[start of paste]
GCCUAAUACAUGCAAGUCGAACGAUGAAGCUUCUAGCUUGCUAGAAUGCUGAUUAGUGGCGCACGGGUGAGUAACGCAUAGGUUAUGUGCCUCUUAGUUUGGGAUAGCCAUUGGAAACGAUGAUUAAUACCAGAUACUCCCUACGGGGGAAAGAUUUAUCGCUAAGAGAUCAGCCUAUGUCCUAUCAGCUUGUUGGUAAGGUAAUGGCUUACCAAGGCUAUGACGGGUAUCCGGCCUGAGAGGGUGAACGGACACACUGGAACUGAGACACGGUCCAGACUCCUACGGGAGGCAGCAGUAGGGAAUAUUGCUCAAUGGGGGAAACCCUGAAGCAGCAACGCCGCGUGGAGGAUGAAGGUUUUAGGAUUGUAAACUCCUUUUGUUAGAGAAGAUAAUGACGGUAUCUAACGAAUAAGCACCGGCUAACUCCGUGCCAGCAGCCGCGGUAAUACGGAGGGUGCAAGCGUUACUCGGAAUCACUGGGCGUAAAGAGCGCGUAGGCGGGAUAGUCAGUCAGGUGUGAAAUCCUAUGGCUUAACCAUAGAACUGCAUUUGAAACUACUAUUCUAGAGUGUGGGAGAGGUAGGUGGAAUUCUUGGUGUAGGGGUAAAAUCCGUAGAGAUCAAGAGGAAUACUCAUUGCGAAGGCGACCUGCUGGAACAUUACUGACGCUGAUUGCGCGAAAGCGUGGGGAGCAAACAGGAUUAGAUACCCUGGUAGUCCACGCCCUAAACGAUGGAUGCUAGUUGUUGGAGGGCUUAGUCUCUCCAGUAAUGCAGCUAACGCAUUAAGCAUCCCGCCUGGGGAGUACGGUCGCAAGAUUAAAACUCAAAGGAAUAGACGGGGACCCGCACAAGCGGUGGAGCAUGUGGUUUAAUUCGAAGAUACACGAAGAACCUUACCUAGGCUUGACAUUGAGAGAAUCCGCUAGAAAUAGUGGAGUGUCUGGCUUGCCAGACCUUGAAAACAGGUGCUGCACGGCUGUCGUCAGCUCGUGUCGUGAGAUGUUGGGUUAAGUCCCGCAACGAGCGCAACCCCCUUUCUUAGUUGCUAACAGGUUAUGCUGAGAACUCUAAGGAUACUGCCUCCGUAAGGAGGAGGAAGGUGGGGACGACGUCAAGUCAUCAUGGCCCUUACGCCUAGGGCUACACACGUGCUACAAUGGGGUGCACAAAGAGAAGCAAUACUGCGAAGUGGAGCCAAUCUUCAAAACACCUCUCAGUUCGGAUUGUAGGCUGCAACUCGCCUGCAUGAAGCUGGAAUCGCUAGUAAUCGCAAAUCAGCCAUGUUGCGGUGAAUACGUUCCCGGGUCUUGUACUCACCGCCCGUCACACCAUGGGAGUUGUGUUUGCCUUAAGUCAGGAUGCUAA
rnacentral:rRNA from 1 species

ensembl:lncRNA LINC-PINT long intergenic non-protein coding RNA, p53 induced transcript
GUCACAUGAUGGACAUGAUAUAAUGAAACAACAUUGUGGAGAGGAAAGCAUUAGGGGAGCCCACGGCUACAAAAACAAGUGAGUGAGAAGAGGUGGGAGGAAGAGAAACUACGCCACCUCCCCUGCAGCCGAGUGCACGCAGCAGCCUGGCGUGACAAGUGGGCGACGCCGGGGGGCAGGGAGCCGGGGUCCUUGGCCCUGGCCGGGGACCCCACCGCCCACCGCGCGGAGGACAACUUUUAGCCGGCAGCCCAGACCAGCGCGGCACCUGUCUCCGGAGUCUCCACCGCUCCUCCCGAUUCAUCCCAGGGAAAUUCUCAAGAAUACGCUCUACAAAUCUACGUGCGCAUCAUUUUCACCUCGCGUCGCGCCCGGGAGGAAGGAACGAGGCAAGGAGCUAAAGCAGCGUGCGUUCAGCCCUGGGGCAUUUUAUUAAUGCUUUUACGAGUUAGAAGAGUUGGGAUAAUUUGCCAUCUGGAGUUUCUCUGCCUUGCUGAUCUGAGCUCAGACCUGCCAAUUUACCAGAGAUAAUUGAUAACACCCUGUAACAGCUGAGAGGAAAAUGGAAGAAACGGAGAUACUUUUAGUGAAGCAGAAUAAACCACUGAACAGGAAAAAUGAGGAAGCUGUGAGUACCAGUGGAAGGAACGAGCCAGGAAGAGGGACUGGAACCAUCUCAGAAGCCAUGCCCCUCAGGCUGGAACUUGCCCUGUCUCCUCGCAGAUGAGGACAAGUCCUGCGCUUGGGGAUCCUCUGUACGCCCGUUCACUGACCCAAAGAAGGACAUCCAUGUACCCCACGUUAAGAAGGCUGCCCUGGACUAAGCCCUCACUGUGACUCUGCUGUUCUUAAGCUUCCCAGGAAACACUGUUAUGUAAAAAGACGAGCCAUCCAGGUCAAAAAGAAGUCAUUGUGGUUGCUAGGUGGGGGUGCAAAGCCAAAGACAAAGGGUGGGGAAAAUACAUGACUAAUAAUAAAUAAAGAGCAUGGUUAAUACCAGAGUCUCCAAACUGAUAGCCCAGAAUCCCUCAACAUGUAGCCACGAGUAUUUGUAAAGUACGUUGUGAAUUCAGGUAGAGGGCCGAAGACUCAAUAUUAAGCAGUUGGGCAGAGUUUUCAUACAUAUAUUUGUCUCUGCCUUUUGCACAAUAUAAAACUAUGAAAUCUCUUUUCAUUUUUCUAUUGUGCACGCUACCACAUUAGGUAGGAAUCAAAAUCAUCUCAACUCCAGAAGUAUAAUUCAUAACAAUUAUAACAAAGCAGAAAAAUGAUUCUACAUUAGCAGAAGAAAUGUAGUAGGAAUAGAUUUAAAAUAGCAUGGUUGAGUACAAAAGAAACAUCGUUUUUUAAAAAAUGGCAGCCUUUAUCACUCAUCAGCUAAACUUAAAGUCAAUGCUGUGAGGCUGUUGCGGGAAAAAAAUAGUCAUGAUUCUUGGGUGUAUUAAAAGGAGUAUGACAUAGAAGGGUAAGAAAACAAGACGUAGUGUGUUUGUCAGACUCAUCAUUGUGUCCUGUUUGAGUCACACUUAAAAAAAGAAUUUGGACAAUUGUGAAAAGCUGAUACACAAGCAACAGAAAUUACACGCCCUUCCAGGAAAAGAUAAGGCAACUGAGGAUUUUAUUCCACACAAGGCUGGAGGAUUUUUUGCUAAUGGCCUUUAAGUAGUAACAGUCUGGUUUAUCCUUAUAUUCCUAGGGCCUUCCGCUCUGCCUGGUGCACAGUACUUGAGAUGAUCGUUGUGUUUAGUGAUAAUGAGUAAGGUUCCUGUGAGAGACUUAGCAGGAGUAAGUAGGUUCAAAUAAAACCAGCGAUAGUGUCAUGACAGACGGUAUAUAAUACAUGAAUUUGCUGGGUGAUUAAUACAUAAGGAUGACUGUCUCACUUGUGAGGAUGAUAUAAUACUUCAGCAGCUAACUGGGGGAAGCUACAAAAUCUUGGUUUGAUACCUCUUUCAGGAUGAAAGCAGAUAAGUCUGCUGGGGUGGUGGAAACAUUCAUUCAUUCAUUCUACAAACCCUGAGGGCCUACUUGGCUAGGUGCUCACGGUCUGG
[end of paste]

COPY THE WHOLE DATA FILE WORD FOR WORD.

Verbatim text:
GCCUAAUACAUGCAAGUCGAACGAUGAAGCUUCUAGCUUGCUAGAAUGCUGAUUAGUGGCGCACGGGUGAGUAACGCAUAGGUUAUGUGCCUCUUAGUUUGGGAUAGCCAUUGGAAACGAUGAUUAAUACCAGAUACUCCCUACGGGGGAAAGAUUUAUCGCUAAGAGAUCAGCCUAUGUCCUAUCAGCUUGUUGGUAAGGUAAUGGCUUACCAAGGCUAUGACGGGUAUCCGGCCUGAGAGGGUGAACGGACACACUGGAACUGAGACACGGUCCAGACUCCUACGGGAGGCAGCAGUAGGGAAUAUUGCUCAAUGGGGGAAACCCUGAAGCAGCAACGCCGCGUGGAGGAUGAAGGUUUUAGGAUUGUAAACUCCUUUUGUUAGAGAAGAUAAUGACGGUAUCUAACGAAUAAGCACCGGCUAACUCCGUGCCAGCAGCCGCGGUAAUACGGAGGGUGCAAGCGUUACUCGGAAUCACUGGGCGUAAAGAGCGCGUAGGCGGGAUAGUCAGUCAGGUGUGAAAUCCUAUGGCUUAACCAUAGAACUGCAUUUGAAACUACUAUUCUAGAGUGUGGGAGAGGUAGGUGGAAUUCUUGGUGUAGGGGUAAAAUCCGUAGAGAUCAAGAGGAAUACUCAUUGCGAAGGCGACCUGCUGGAACAUUACUGACGCUGAUUGCGCGAAAGCGUGGGGAGCAAACAGGAUUAGAUACCCUGGUAGUCCACGCCCUAAACGAUGGAUGCUAGUUGUUGGAGGGCUUAGUCUCUCCAGUAAUGCAGCUAACGCAUUAAGCAUCCCGCCUGGGGAGUACGGUCGCAAGAUUAAAACUCAAAGGAAUAGACGGGGACCCGCACAAGCGGUGGAGCAUGUGGUUUAAUUCGAAGAUACACGAAGAACCUUACCUAGGCUUGACAUUGAGAGAAUCCGCUAGAAAUAGUGGAGUGUCUGGCUUGCCAGACCUUGAAAACAGGUGCUGCACGGCUGUCGUCAGCUCGUGUCGUGAGAUGUUGGGUUAAGUCCCGCAACGAGCGCAACCCCCUUUCUUAGUUGCUAACAGGUUAUGCUGAGAACUCUAAGGAUACUGCCUCCGUAAGGAGGAGGAAGGUGGGGACGACGUCAAGUCAUCAUGGCCCUUACGCCUAGGGCUACACACGUGCUACAAUGGGGUGCACAAAGAGAAGCAAUACUGCGAAGUGGAGCCAAUCUUCAAAACACCUCUCAGUUCGGAUUGUAGGCUGCAACUCGCCUGCAUGAAGCUGGAAUCGCUAGUAAUCGCAAAUCAGCCAUGUUGCGGUGAAUACGUUCCCGGGUCUUGUACUCACCGCCCGUCACACCAUGGGAGUUGUGUUUGCCUUAAGUCAGGAUGCUAA
rnacentral:rRNA from 1 species

ensembl:lncRNA LINC-PINT long intergenic non-protein coding RNA, p53 induced transcript
GUCACAUGAUGGACAUGAUAUAAUGAAACAACAUUGUGGAGAGGAAAGCAUUAGGGGAGCCCACGGCUACAAAAACAAGUGAGUGAGAAGAGGUGGGAGGAAGAGAAACUACGCCACCUCCCCUGCAGCCGAGUGCACGCAGCAGCCUGGCGUGACAAGUGGGCGACGCCGGGGGGCAGGGAGCCGGGGUCCUUGGCCCUGGCCGGGGACCCCACCGCCCACCGCGCGGAGGACAACUUUUAGCCGGCAGCCCAGACCAGCGCGGCACCUGUCUCCGGAGUCUCCACCGCUCCUCCCGAUUCAUCCCAGGGAAAUUCUCAAGAAUACGCUCUACAAAUCUACGUGCGCAUCAUUUUCACCUCGCGUCGCGCCCGGGAGGAAGGAACGAGGCAAGGAGCUAAAGCAGCGUGCGUUCAGCCCUGGGGCAUUUUAUUAAUGCUUUUACGAGUUAGAAGAGUUGGGAUAAUUUGCCAUCUGGAGUUUCUCUGCCUUGCUGAUCUGAGCUCAGACCUGCCAAUUUACCAGAGAUAAUUGAUAACACCCUGUAACAGCUGAGAGGAAAAUGGAAGAAACGGAGAUACUUUUAGUGAAGCAGAAUAAACCACUGAACAGGAAAAAUGAGGAAGCUGUGAGUACCAGUGGAAGGAACGAGCCAGGAAGAGGGACUGGAACCAUCUCAGAAGCCAUGCCCCUCAGGCUGGAACUUGCCCUGUCUCCUCGCAGAUGAGGACAAGUCCUGCGCUUGGGGAUCCUCUGUACGCCCGUUCACUGACCCAAAGAAGGACAUCCAUGUACCCCACGUUAAGAAGGCUGCCCUGGACUAAGCCCUCACUGUGACUCUGCUGUUCUUAAGCUUCCCAGGAAACACUGUUAUGUAAAAAGACGAGCCAUCCAGGUCAAAAAGAAGUCAUUGUGGUUGCUAGGUGGGGGUGCAAAGCCAAAGACAAAGGGUGGGGAAAAUACAUGACUAAUAAUAAAUAAAGAGCAUGGUUAAUACCAGAGUCUCCAAACUGAUAGCCCAGAAUCCCUCAACAUGUAGCCACGAGUAUUUGUAAAGUACGUUGUGAAUUCAGGUAGAGGGCCGAAGACUCAAUAUUAAGCAGUUGGGCAGAGUUUUCAUACAUAUAUUUGUCUCUGCCUUUUGCACAAUAUAAAACUAUGAAAUCUCUUUUCAUUUUUCUAUUGUGCACGCUACCACAUUAGGUAGGAAUCAAAAUCAUCUCAACUCCAGAAGUAUAAUUCAUAACAAUUAUAACAAAGCAGAAAAAUGAUUCUACAUUAGCAGAAGAAAUGUAGUAGGAAUAGAUUUAAAAUAGCAUGGUUGAGUACAAAAGAAACAUCGUUUUUUAAAAAAUGGCAGCCUUUAUCACUCAUCAGCUAAACUUAAAGUCAAUGCUGUGAGGCUGUUGCGGGAAAAAAAUAGUCAUGAUUCUUGGGUGUAUUAAAAGGAGUAUGACAUAGAAGGGUAAGAAAACAAGACGUAGUGUGUUUGUCAGACUCAUCAUUGUGUCCUGUUUGAGUCACACUUAAAAAAAGAAUUUGGACAAUUGUGAAAAGCUGAUACACAAGCAACAGAAAUUACACGCCCUUCCAGGAAAAGAUAAGGCAACUGAGGAUUUUAUUCCACACAAGGCUGGAGGAUUUUUUGCUAAUGGCCUUUAAGUAGUAACAGUCUGGUUUAUCCUUAUAUUCCUAGGGCCUUCCGCUCUGCCUGGUGCACAGUACUUGAGAUGAUCGUUGUGUUUAGUGAUAAUGAGUAAGGUUCCUGUGAGAGACUUAGCAGGAGUAAGUAGGUUCAAAUAAAACCAGCGAUAGUGUCAUGACAGACGGUAUAUAAUACAUGAAUUUGCUGGGUGAUUAAUACAUAAGGAUGACUGUCUCACUUGUGAGGAUGAUAUAAUACUUCAGCAGCUAACUGGGGGAAGCUACAAAAUCUUGGUUUGAUACCUCUUUCAGGAUGAAAGCAGAUAAGUCUGCUGGGGUGGUGGAAACAUUCAUUCAUUCAUUCUACAAACCCUGAGGGCCUACUUGGCUAGGUGCUCACGGUCUGG